This is such a fantastic fucking book Laurie Penny writes about feminism is such a vibrant and powerful way She s a manifesto writer I found myself wanting to talk about the ideas she raises with everyone around me I emailed passages to my friends okay, I emailed a number of passages to my friends There s something about Penny s youth she s 28 that makes this book feel so alive and of the moment Her chapter on the Internet s continued issues with women comes from the place of someon This is such a fantastic fucking book Laurie Penny writes about feminism is such a vibrant and powerful way She s a manifesto writer I found myself wanting to talk about the ideas she raises with everyone around me I emailed passages to my friends okay, I emailed a number of passages to my friends There s something about Penny s youth she s 28 that makes this book feel so alive and of the moment Her chapter on the Internet s continued issues with women comes from the place of someone who has grown up with it and wants to correct the issues there because she genuinely loves it That s also the case with her chapter on Occupy Wall Street, and the feminist issues that seem to plague many movements She s a passionate and empathetic writer in all of these chapters, but those strengths are especially on display in her chapter about men and feminism, which I hope becomes required reading in all schools Her youth sometimes works against her, especially in thepersonal stories, but that s a small thing in a book filled with so much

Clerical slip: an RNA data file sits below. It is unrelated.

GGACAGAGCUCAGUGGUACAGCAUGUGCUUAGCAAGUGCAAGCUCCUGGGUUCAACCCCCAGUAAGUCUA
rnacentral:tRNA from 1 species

5. says:

    I think I just have to cop to the fact I m straight up too old for this book.Penny s problem isn t that she s wrong, exactly, when she talks about things like rape culture and the commodification of female social connections for the profit of Silicon Valley VCs It s just that she neither adds much new insight nor gives any particular clarity to this grab bag of 21st Century Feminism 101 Not to mention that, for all she insists very deeply she s not speaking for all feminists defined specifi I think I just have to cop to the fact I m straight up too old for this book.Penny s problem isn t that she s wrong, exactly, when she talks about things like rape culture and the commodification of female social connections for the profit of Silicon Valley VCs It s just that she neither adds much new insight nor gives any particular clarity to this grab bag of 21st Century Feminism 101 Not to mention that, for all she insists very deeply she s not speaking for all feminists defined specifically as poor feminists , feminists of colour , and so on she does seem to very much fancy herself as speaking on behalf of middle class white queer Western feminists And, I gotta be honest as a middle class white queer Western feminist I don t think I ve ever felt as much alienation from a feminist polemic as I have from Penny s.If she s speaking for someone, it s certainly not me Admittedly, a non zero portion of this is probably due to Penny s Marxist leanings As someone whose family still bears the scars caused by the Really Real World depravities of Marx s successors, let s just say my tolerance for pseudo Communist affect in comfortably Western bourgeoisie 20 somethings is, er, not high, as it were Ultimately, Unspeakable Things is the kind of book I d ve loved if I d found it somewhere in my mid to late teens as an introduction to female slash feminist anger it s a decent primer I guess if the book does nothing else bar inspire the next generation, that s a worthy effort in and of itself

  6. says: